While World Cats are designed with offshore fishing in mind, their soft ride also recommends them as excellent long-range cruisers. Anglers will appreciate the twin 35-gallon, lighted and insulated live wells and the three big fish boxes in the 33. Molded-in toerails; excellent rod storage in the cockpit and cabin (which is mainly for storage, but can sleep one); abundant tackle trays; ample room for a full electronics array, and a fast draining cockpit (six scuppers) are just some of the other features that make the 33 a superb platform for bluewater fishing. The boat can also stalk prey in the shallows, because it can run in only 15 inches of water (draft is a flats boat-like eight inches with the engines up). The gunwale height (mid-thigh aft and waist-high forward) makes the 33 extremely safe. And, of course, the stability is excellent.

One drawback to the 33 is common to most catamarans —its height off the water. Because of the tunnel, the deck is several inches above the waterline. This makes reaching the water from inside the boat impossible. So, while the 33 is ideal for fishing for most offshore species, bill fishing presents a problem. A sail fish’s bill can be reached by raising the fish out of the water with the leader, but with a marlin of any size this would be difficult. Thus, when releasing bill fish from a cat, you often have to leave the hook in the fish.

Some people dislike the somewhat disjointed action cats have in quartering, beam or confused seas. There is less of a predictable “rhythm” to which you can become attuned than there is in a monohull. In other words, the pitch and roll of the boat is more unexpected. Another complaint is that they don’t “bank” in a turn and centrifugal force can throw passengers in the opposite direction from that in which the boat is turning. A sudden, common, sharp swerve by a helmsman to avoid something in the water while at high speed could potentially present a danger. I found these characteristics to be more pronounced in smaller World Cats than in the 33, however. And there are “tricks to driving cats that minimize these traits. The World Cat owners at Walkers assured me that you soon get used to how the boats behave, and unanimously proclaimed the breed’s virtues to far outweigh any vices.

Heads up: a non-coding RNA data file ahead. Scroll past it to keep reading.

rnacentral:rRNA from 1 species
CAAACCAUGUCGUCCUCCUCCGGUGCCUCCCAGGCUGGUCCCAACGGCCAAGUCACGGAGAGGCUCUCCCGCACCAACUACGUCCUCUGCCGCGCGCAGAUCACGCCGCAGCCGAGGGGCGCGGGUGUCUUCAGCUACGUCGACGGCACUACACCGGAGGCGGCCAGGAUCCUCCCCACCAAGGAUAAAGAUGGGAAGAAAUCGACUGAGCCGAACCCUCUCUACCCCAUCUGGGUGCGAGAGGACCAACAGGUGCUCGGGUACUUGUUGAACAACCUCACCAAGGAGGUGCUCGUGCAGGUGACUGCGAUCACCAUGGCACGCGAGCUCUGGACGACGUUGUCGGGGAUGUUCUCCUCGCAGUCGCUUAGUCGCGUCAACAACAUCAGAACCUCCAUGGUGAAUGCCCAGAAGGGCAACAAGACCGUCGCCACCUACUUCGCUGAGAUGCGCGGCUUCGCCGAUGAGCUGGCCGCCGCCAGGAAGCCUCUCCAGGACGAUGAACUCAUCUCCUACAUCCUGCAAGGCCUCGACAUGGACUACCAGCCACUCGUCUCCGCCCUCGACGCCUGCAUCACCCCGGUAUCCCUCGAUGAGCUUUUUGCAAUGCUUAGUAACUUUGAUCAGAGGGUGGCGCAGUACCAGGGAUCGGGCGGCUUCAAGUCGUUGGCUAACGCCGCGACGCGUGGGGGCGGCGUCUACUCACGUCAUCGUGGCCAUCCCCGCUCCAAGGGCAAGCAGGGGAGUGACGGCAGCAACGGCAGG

Over and over, I heard the same thing: “you have a bad back ….If you have bad knees ….”

“I ’m getting old,” said Brian Boss of Lake Worth, Fla. (he’s 45). “I was looking for trailerable boat that could go anywhere, but I didn’t want to beat myself to death and come back with a sore back.” His choice was a World Cat 266SC with 130-hp Hondas. “I ’m real happy with the ride and with the Hondas. I’ve never had a problem with them, but I wish I had 200s, especially when the boat is fully loaded,” he said.

Alkis Kourkoulos, a mechanical engineer, accompanied Boss. They met on the World Cat Forum Web site. Said Kourkoulos, “From an engineering standpoint, it makes perfect sense. The two hulls are like two knives that slice through the water.” Kourkoulos fishes the Middle Grounds, 100 miles northwest of Clearwater, Fla., in a 266SC. “I give three-to four-foot seas no thought. What else is there at this length?” he asked.

If he were asking that question about the 33, the answer would be the Glacier Bay 3470, with twin cabins, head and galley and Honda 225s for $229,000 (see “Baja or Bust, ”October). ProSports has a 3660 Sport Cuddy with Yamaha 300 HPDIs for $188,000.

The 33 topped out at over 40 mph with Yamaha 250s. “Expect 50 with the new 300s,” said Peterson. (I’m skeptical.) Yamaha or Honda 225s are the most popular engines in World Cats sold so far. Peterson said they do the same job as the 250s, except for the hole shot.

Brand loyalty aside, I’ve never met so many people so enthusiastic about their boats. World Cat’s “air compressors” are addictive. When the fleet of World Cats left Walker’s, it was rough. The wind was blowing the wrong way —from the west, and they faced over 100 miles of steep head seas. But no one seemed concerned. That kind of evidence is convincing.

©Motor Boating Magazine, December 200